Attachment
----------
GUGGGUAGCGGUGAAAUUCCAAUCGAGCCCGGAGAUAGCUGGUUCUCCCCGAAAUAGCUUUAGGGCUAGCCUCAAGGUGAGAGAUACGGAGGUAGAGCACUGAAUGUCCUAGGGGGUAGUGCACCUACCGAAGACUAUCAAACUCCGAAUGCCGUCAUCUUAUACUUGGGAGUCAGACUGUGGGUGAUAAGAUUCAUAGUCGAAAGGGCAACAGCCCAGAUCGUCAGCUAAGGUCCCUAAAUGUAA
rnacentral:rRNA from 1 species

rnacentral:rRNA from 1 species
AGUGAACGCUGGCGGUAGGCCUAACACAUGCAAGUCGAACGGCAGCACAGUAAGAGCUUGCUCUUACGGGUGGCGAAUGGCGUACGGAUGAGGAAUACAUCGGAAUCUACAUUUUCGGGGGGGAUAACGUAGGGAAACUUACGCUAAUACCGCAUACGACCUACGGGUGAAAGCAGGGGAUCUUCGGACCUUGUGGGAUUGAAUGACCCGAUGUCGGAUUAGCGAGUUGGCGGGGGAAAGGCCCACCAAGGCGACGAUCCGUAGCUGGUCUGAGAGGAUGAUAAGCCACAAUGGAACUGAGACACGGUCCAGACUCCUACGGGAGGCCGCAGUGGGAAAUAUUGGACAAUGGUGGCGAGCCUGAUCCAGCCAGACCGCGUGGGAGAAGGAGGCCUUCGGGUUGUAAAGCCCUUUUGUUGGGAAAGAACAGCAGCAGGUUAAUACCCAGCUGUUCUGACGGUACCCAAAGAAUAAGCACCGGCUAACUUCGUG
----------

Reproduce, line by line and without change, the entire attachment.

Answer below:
GUGGGUAGCGGUGAAAUUCCAAUCGAGCCCGGAGAUAGCUGGUUCUCCCCGAAAUAGCUUUAGGGCUAGCCUCAAGGUGAGAGAUACGGAGGUAGAGCACUGAAUGUCCUAGGGGGUAGUGCACCUACCGAAGACUAUCAAACUCCGAAUGCCGUCAUCUUAUACUUGGGAGUCAGACUGUGGGUGAUAAGAUUCAUAGUCGAAAGGGCAACAGCCCAGAUCGUCAGCUAAGGUCCCUAAAUGUAA
rnacentral:rRNA from 1 species

rnacentral:rRNA from 1 species
AGUGAACGCUGGCGGUAGGCCUAACACAUGCAAGUCGAACGGCAGCACAGUAAGAGCUUGCUCUUACGGGUGGCGAAUGGCGUACGGAUGAGGAAUACAUCGGAAUCUACAUUUUCGGGGGGGAUAACGUAGGGAAACUUACGCUAAUACCGCAUACGACCUACGGGUGAAAGCAGGGGAUCUUCGGACCUUGUGGGAUUGAAUGACCCGAUGUCGGAUUAGCGAGUUGGCGGGGGAAAGGCCCACCAAGGCGACGAUCCGUAGCUGGUCUGAGAGGAUGAUAAGCCACAAUGGAACUGAGACACGGUCCAGACUCCUACGGGAGGCCGCAGUGGGAAAUAUUGGACAAUGGUGGCGAGCCUGAUCCAGCCAGACCGCGUGGGAGAAGGAGGCCUUCGGGUUGUAAAGCCCUUUUGUUGGGAAAGAACAGCAGCAGGUUAAUACCCAGCUGUUCUGACGGUACCCAAAGAAUAAGCACCGGCUAACUUCGUG